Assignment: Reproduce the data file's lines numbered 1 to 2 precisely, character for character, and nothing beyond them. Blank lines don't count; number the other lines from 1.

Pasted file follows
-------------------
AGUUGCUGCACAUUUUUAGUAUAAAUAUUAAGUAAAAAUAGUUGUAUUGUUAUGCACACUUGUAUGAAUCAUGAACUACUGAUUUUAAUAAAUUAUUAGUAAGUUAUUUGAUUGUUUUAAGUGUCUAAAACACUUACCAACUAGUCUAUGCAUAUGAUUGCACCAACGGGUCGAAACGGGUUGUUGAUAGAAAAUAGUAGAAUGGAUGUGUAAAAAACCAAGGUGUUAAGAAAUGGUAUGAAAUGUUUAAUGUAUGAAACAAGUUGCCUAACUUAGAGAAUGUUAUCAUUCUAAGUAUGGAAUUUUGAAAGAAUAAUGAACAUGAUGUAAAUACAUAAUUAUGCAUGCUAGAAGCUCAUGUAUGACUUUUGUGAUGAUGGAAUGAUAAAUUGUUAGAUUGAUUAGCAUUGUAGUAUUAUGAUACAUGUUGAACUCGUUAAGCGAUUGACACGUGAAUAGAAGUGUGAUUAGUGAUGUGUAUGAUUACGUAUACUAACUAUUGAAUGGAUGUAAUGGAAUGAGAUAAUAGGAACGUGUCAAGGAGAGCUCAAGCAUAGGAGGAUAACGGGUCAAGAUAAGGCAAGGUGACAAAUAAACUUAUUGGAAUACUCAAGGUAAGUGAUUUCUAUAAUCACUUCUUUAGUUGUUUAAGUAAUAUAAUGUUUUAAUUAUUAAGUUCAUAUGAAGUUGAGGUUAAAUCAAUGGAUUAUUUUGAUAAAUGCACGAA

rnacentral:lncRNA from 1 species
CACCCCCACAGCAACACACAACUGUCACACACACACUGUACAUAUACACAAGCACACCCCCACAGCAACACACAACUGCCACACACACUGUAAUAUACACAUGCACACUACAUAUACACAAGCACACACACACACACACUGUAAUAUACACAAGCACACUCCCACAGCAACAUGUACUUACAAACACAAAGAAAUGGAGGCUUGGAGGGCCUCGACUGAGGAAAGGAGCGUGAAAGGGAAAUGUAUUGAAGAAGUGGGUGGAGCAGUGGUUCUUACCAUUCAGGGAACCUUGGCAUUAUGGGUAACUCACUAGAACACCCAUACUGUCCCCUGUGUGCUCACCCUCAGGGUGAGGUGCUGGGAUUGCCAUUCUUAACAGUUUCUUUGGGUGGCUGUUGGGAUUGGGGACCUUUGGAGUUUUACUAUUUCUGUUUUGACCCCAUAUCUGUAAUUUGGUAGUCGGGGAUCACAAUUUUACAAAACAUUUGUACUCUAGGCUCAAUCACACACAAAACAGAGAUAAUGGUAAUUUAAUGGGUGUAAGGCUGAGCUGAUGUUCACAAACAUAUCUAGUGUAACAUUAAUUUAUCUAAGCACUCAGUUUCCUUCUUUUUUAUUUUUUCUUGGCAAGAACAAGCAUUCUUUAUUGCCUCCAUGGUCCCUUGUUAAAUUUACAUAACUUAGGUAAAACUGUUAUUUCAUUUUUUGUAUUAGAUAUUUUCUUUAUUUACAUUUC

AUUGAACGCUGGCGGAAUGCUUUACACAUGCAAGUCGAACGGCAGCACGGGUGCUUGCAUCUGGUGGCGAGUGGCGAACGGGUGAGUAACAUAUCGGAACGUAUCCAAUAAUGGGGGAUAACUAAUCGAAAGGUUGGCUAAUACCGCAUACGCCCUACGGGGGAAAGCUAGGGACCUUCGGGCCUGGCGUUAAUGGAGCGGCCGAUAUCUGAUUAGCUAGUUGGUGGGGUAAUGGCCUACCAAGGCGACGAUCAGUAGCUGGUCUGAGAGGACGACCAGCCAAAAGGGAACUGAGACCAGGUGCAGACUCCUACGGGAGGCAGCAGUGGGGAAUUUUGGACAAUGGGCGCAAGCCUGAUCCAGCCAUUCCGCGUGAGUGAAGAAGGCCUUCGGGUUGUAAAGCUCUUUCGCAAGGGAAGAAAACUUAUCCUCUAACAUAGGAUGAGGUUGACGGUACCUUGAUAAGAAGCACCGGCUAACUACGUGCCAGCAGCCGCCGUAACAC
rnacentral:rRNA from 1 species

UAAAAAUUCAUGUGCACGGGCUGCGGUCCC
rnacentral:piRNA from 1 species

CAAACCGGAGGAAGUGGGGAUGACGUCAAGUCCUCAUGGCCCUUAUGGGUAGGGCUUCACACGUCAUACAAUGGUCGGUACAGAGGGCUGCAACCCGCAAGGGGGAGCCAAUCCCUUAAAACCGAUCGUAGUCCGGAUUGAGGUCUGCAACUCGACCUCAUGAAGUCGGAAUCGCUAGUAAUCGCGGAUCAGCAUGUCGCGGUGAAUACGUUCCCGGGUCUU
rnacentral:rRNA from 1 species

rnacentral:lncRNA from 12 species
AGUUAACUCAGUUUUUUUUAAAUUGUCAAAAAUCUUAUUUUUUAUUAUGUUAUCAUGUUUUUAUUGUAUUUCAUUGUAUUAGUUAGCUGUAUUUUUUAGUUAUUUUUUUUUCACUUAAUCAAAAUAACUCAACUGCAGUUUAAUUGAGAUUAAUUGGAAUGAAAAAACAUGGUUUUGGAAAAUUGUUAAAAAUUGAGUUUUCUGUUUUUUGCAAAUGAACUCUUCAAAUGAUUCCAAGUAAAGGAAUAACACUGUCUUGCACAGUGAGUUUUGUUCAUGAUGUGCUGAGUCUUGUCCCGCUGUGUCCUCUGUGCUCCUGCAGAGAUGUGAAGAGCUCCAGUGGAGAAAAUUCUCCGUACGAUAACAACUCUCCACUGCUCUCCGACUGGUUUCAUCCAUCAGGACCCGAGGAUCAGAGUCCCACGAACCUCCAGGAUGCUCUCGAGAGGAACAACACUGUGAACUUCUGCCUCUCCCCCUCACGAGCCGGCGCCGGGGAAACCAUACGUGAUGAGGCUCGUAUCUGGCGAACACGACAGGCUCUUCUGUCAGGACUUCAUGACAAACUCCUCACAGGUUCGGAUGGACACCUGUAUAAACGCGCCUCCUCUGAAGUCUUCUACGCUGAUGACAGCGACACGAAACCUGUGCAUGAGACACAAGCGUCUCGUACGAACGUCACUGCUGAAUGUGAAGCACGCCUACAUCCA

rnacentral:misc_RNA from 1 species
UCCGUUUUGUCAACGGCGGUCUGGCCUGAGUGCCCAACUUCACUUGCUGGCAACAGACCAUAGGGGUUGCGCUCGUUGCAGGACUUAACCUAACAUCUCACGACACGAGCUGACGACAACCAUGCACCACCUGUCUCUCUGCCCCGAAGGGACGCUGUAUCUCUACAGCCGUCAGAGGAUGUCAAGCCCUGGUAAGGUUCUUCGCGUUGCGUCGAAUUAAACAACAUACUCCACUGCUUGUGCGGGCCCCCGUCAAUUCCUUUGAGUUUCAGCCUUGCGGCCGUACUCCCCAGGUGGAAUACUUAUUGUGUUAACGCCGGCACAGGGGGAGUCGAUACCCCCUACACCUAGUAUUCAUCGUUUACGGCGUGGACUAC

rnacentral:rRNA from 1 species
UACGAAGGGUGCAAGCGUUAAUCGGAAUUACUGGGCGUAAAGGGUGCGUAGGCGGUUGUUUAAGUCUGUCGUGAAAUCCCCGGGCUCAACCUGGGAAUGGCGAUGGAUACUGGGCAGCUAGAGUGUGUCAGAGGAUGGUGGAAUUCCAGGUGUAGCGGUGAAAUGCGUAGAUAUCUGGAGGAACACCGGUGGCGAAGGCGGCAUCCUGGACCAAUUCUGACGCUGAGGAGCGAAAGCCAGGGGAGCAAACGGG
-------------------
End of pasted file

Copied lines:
AGUUGCUGCACAUUUUUAGUAUAAAUAUUAAGUAAAAAUAGUUGUAUUGUUAUGCACACUUGUAUGAAUCAUGAACUACUGAUUUUAAUAAAUUAUUAGUAAGUUAUUUGAUUGUUUUAAGUGUCUAAAACACUUACCAACUAGUCUAUGCAUAUGAUUGCACCAACGGGUCGAAACGGGUUGUUGAUAGAAAAUAGUAGAAUGGAUGUGUAAAAAACCAAGGUGUUAAGAAAUGGUAUGAAAUGUUUAAUGUAUGAAACAAGUUGCCUAACUUAGAGAAUGUUAUCAUUCUAAGUAUGGAAUUUUGAAAGAAUAAUGAACAUGAUGUAAAUACAUAAUUAUGCAUGCUAGAAGCUCAUGUAUGACUUUUGUGAUGAUGGAAUGAUAAAUUGUUAGAUUGAUUAGCAUUGUAGUAUUAUGAUACAUGUUGAACUCGUUAAGCGAUUGACACGUGAAUAGAAGUGUGAUUAGUGAUGUGUAUGAUUACGUAUACUAACUAUUGAAUGGAUGUAAUGGAAUGAGAUAAUAGGAACGUGUCAAGGAGAGCUCAAGCAUAGGAGGAUAACGGGUCAAGAUAAGGCAAGGUGACAAAUAAACUUAUUGGAAUACUCAAGGUAAGUGAUUUCUAUAAUCACUUCUUUAGUUGUUUAAGUAAUAUAAUGUUUUAAUUAUUAAGUUCAUAUGAAGUUGAGGUUAAAUCAAUGGAUUAUUUUGAUAAAUGCACGAA

rnacentral:lncRNA from 1 species